Armed Robbery; Speight terrorist main suspect

Published: Tue 19 Dec 2000 08:54 AM
Armed robbery; terrorist main suspect Issue No: 300 18 December 2000
Five armed men stormed into the Morris Hedstrom Superfresh store in Tamavua, Suva this morning and stole over $100,000 in cash. The shop belongs to the Carpenters group in which the Fijian Holdings Ltd has a shareholding.
The men were armed with at least one M-16 and a K-2 rifle. Both these are military issued weapons. It is believed that the weapons were part of the set which was used by the terrorists on the Parliament Complex after May 19. These were allowed out of the military armoury by soldiers in league with the terrorists.
According to the military spokesman Major Howard Politini, the leader of the gang is believed to be notorious terrorist Tevita Poese. Poese, an ex-solider and convict, was the main trainer of Speight's men who turned up at the Parliament Complex after May 19. Poese was charged with converting the men into Speight's personal army. During this time he also began preaching the gospel and would often appear with neckties with holy cross printed on them. He left the Parliament after 13 July when the hostages were released, and has since been on the run. So far, despite media pressure, the military and the police have still not published Poese's picture in the papers.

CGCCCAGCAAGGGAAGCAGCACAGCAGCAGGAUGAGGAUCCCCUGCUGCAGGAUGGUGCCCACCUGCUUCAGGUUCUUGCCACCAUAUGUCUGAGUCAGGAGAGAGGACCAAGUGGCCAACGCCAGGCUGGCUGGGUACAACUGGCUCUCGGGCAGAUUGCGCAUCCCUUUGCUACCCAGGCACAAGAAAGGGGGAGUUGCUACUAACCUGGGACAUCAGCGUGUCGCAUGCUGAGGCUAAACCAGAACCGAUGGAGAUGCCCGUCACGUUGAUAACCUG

The armed robbery took place only 3 days after the military handed over the security operations to the police and lifted the curfew in Suva. The military has reportedly captured two of the five involved. This afternoon the Police Commissioner Isikia Savua informed the media that he had asked the military to hand over those captured because it was now police's responsibility to handle such criminal matters. Savua did his best to portray that matter as unrelated to the terrorist uprising, despite evidence that the weapons used were military issued and their leader is a Parliament Complex terrorist.
Suva has been very tense over the weekend. Many business houses believe that the lifting of the curfew at this time will lead to major criminal activities, particularly with dozens of sophisticated arms in the hands of the terrorists.
END 18 December 2000

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